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What You Need to Know About Section 1557: The ACA Nondiscrimination Provisions

What You Need to Know About Section 1557: The ACA Nondiscrimination Provisions

The Affordable Care Act prohibits discrimination on the basis of race, color, national origin, sex, age, or disability in certain health programs or activities. Section 1557 builds on long-standing Federal civil rights laws: Title VI of the Civil Rights Act of 1964, Title IX of the Education Amendments of 1972, Section 504 of the Rehabilitation Act of 1973 and the Age Discrimination Act of 1975. Individuals may either file a complaint with the Office of Civil Rights (OCR) or the law creates a private cause of action.

Who must comply?

Physicians receiving financial assistance from HHS (except solely Medicare Part B).


By October 16, 2016

What must be done?

Post notices, taglines, and take steps to provide meaningful access to individuals with limited English proficiency. This may mean you need to enter into a contract with a call center.

What does Section 1557 require?

By October 16, 2016, all covered entities must post notice and taglines in the top 15 languages in conspicuously visible font size for individuals with limited English proficiency (LEP). The rules require language assistance for persons with LEP. A provider may not require an individual with LEP to provide his or her own interpreter. The Office of Civil Rights website contains sample notices, statements and taglines in multiple languages. (See link below). The rules require using a “qualified translator” when translating written content. The rule itself is lengthy and specific. Any physicians, hospitals or entities receiving any financial assistance with HHS, including Medicare Parts A, C & D; Medicaid grants; loans; subsidies; meaningful use payments; payments for research offered through NIH; payments for any health program administered by HHS; etc. must comply. If a physician’s only financial assistance from HHS is to receive Part B, he or she is not covered. If a physician or entity is principally engaged in health care then all of the operations are covered minus certain limited exceptions.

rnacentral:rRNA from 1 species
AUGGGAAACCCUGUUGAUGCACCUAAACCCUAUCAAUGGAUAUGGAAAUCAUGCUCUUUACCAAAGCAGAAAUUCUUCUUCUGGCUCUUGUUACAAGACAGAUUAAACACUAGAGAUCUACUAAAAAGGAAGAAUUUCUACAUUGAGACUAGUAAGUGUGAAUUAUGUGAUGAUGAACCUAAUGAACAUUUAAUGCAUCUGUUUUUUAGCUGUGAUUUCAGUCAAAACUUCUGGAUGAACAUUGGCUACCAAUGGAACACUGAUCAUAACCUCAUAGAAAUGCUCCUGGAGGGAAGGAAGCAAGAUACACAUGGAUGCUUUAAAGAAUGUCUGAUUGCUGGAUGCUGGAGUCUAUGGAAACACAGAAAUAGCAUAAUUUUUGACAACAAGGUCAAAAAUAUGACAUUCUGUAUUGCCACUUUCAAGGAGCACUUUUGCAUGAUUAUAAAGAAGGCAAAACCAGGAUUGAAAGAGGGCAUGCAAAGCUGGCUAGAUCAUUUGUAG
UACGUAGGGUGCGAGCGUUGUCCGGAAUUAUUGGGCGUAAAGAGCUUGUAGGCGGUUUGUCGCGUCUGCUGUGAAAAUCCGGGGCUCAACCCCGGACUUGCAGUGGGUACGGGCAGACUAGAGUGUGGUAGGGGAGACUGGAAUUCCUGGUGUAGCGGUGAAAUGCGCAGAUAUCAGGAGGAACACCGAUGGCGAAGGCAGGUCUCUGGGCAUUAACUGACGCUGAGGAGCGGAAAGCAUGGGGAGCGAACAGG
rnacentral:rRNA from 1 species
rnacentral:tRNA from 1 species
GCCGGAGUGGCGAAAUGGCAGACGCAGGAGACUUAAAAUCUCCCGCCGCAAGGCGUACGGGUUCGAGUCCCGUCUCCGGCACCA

Covered entities must offer a qualified interpreter to an individual with LEP when oral interpretation is a reasonable step to provide meaningful access. The interpreter need not be licensed under state law, but must have relevant proficiency. Simply having above average familiarity with speaking or understanding the relevant foreign language does not necessarily qualify him or her as an interpreter. HHS has regulations that apply to covered entities choosing to provide interpreters through remote video. See 45 C.F.R. § 92.201(f)

What are the basics?

  1. Do not discriminate on the basis of race, color, national origin, sex, age, or disability. Treat men and women equally in healthcare and treat individuals consistent with gender identity. Provide language assistance. Provide auxiliary aids to those with disabilities. Make newly constructed or altered facilities accessible to those with disabilities.
  2. Sign a form with HHS that you will comply – HHS-690 Form.
  3. Entities with 15 or more employees must appoint a compliance coordinator and establish a grievance coordinator.